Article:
I will forever associate STUCK MOJO in general and the 1995 debut album "Snappin' Necks" specifically with the band's performance sandwiched between opener WICKER MAN and headliner MACHINE HEAD (supporting "Burn My Eyes"). The scorching guitar work of Rich Ward, those energetic rhythms, and the off-the-rails insanity of lead vocalist Bonz who rapped the vocals in a way that recalled FAITH NO MORE's Mike Patton or THE RED HOT CHILI PEPPERS' Anthony Keidis, but so much heavier and with his own style! This was a combination that worked to a "T" and raised the band's coolness level to heights I would not have thought attainable by a seemingly risky style blend.
That same pure metal energy translates well to "Snappin' Necks", an album that to this day still sounds vibrant, catchy, and metal through and through. One of several Century Media reissues celebrating the label's 15th anniversary, the biting guitar tone and crisp rhythm section of "Snappin' Necks" 2006 sounds even better with the remastering job. It is the combination of Ward's killer riffs, Bonz's precision raps to go along with the tight 'n' groovy rhythms of bassist Dwayne Fowler and drummer Brent Payne, and the sizeable hooks that are found on virtually ever song. Big, bad, and metallic tracks like "Not Promised Tomorrow", "Monkey Behind the Wheel", "Who's the Devil", and "F.O.D.". offer fist-pumping choruses that expertly match Bonz's speed raps with heavy backing vocals. The choruses of both the title track and "The Beginning of the End" feature backing shouts that give off a slight BIOHAZARD vibe, yet the wah-wah guitar groove on the former and funky sections on the latter mixed with those fat guitar licks are solely the domain of STUCK MOJO. Injecting swampy acoustic guitar into the mid-tempo strut of "Propaganda" spices up the song considerably. Like any good album that stands the test of time, "Snappin' Necks" succeeds because there are no weak tracks; each one is memorable in its own right.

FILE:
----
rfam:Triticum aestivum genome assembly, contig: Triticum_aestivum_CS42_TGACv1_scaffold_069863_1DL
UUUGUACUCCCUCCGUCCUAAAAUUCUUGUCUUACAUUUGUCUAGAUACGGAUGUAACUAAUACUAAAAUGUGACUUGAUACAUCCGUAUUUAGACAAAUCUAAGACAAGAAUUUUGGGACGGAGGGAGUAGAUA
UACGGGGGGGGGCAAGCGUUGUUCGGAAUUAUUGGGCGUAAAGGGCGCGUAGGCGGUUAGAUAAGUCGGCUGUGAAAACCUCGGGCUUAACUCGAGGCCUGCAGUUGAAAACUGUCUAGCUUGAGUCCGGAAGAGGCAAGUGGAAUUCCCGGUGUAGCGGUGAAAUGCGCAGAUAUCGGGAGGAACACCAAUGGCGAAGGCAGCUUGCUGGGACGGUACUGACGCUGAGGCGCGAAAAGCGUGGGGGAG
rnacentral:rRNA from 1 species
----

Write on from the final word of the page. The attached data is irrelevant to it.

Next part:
As for the bonus material, the revised artwork and layout includes Martin Popoff's liner notes recounting the early days of the band and a meeting of the minds between Ward and Bonz that resulted in the Atlanta group's daring project. Demo tracks "Love Has No Color", "Hotlanta", and "Babylon" hint at the band's future potential, but won't bowl anyone over. A demo of "Propaganda", a live version of "F.O.D." , and video for "Not Promised Tomorrow" round out the disc.
While the "Pigwalk" follow-up (also reissued by Century Media) is a strong album, one that boasts a better production and features a little stretching in the songwriting department, the magic of "Snappin' Necks" could not be matched. The disc just has that certain "something" that continues to make metal fans' eyes light up when the subject of STUCK MOJO comes up. Whether you are a fan from way back that hasn't dug out the old albums in a while or a curious newbie, "Snappin' Necks" will feed a metal appetite of any size. Yeah, even with a vocal style that has absolutely nothing to do with Chuck Billy or Rob Halford.